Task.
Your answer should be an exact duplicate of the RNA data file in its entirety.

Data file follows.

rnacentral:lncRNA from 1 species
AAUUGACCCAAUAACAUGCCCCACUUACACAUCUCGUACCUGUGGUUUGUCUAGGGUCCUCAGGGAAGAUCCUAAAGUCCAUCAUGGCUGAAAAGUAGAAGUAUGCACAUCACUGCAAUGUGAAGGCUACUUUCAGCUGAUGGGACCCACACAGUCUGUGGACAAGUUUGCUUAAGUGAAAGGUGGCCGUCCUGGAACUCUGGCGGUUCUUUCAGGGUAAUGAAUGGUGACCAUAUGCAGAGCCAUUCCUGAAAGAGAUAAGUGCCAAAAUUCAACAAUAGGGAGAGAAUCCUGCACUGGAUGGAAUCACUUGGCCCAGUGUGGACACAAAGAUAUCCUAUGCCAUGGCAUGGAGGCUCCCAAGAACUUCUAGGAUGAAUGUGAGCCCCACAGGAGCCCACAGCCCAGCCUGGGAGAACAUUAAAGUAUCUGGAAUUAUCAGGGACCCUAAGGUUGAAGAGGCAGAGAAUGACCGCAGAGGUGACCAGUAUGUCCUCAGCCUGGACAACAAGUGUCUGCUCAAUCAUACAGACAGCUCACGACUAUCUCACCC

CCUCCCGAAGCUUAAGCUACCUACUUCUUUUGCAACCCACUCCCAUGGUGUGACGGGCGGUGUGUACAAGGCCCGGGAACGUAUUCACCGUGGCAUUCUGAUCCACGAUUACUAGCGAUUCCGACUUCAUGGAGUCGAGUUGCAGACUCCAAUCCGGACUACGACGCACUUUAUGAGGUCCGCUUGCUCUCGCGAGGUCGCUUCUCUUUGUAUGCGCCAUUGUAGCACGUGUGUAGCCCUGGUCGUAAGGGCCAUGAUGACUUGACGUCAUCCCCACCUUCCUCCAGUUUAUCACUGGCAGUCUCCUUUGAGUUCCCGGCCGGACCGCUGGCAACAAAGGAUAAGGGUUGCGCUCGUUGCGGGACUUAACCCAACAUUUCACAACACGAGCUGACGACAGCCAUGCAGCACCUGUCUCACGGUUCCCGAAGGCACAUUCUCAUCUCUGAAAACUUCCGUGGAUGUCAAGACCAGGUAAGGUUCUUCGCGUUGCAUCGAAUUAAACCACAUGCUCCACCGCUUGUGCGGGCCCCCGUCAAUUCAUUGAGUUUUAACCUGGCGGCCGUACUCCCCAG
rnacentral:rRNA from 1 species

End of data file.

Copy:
rnacentral:lncRNA from 1 species
AAUUGACCCAAUAACAUGCCCCACUUACACAUCUCGUACCUGUGGUUUGUCUAGGGUCCUCAGGGAAGAUCCUAAAGUCCAUCAUGGCUGAAAAGUAGAAGUAUGCACAUCACUGCAAUGUGAAGGCUACUUUCAGCUGAUGGGACCCACACAGUCUGUGGACAAGUUUGCUUAAGUGAAAGGUGGCCGUCCUGGAACUCUGGCGGUUCUUUCAGGGUAAUGAAUGGUGACCAUAUGCAGAGCCAUUCCUGAAAGAGAUAAGUGCCAAAAUUCAACAAUAGGGAGAGAAUCCUGCACUGGAUGGAAUCACUUGGCCCAGUGUGGACACAAAGAUAUCCUAUGCCAUGGCAUGGAGGCUCCCAAGAACUUCUAGGAUGAAUGUGAGCCCCACAGGAGCCCACAGCCCAGCCUGGGAGAACAUUAAAGUAUCUGGAAUUAUCAGGGACCCUAAGGUUGAAGAGGCAGAGAAUGACCGCAGAGGUGACCAGUAUGUCCUCAGCCUGGACAACAAGUGUCUGCUCAAUCAUACAGACAGCUCACGACUAUCUCACCC

CCUCCCGAAGCUUAAGCUACCUACUUCUUUUGCAACCCACUCCCAUGGUGUGACGGGCGGUGUGUACAAGGCCCGGGAACGUAUUCACCGUGGCAUUCUGAUCCACGAUUACUAGCGAUUCCGACUUCAUGGAGUCGAGUUGCAGACUCCAAUCCGGACUACGACGCACUUUAUGAGGUCCGCUUGCUCUCGCGAGGUCGCUUCUCUUUGUAUGCGCCAUUGUAGCACGUGUGUAGCCCUGGUCGUAAGGGCCAUGAUGACUUGACGUCAUCCCCACCUUCCUCCAGUUUAUCACUGGCAGUCUCCUUUGAGUUCCCGGCCGGACCGCUGGCAACAAAGGAUAAGGGUUGCGCUCGUUGCGGGACUUAACCCAACAUUUCACAACACGAGCUGACGACAGCCAUGCAGCACCUGUCUCACGGUUCCCGAAGGCACAUUCUCAUCUCUGAAAACUUCCGUGGAUGUCAAGACCAGGUAAGGUUCUUCGCGUUGCAUCGAAUUAAACCACAUGCUCCACCGCUUGUGCGGGCCCCCGUCAAUUCAUUGAGUUUUAACCUGGCGGCCGUACUCCCCAG
rnacentral:rRNA from 1 species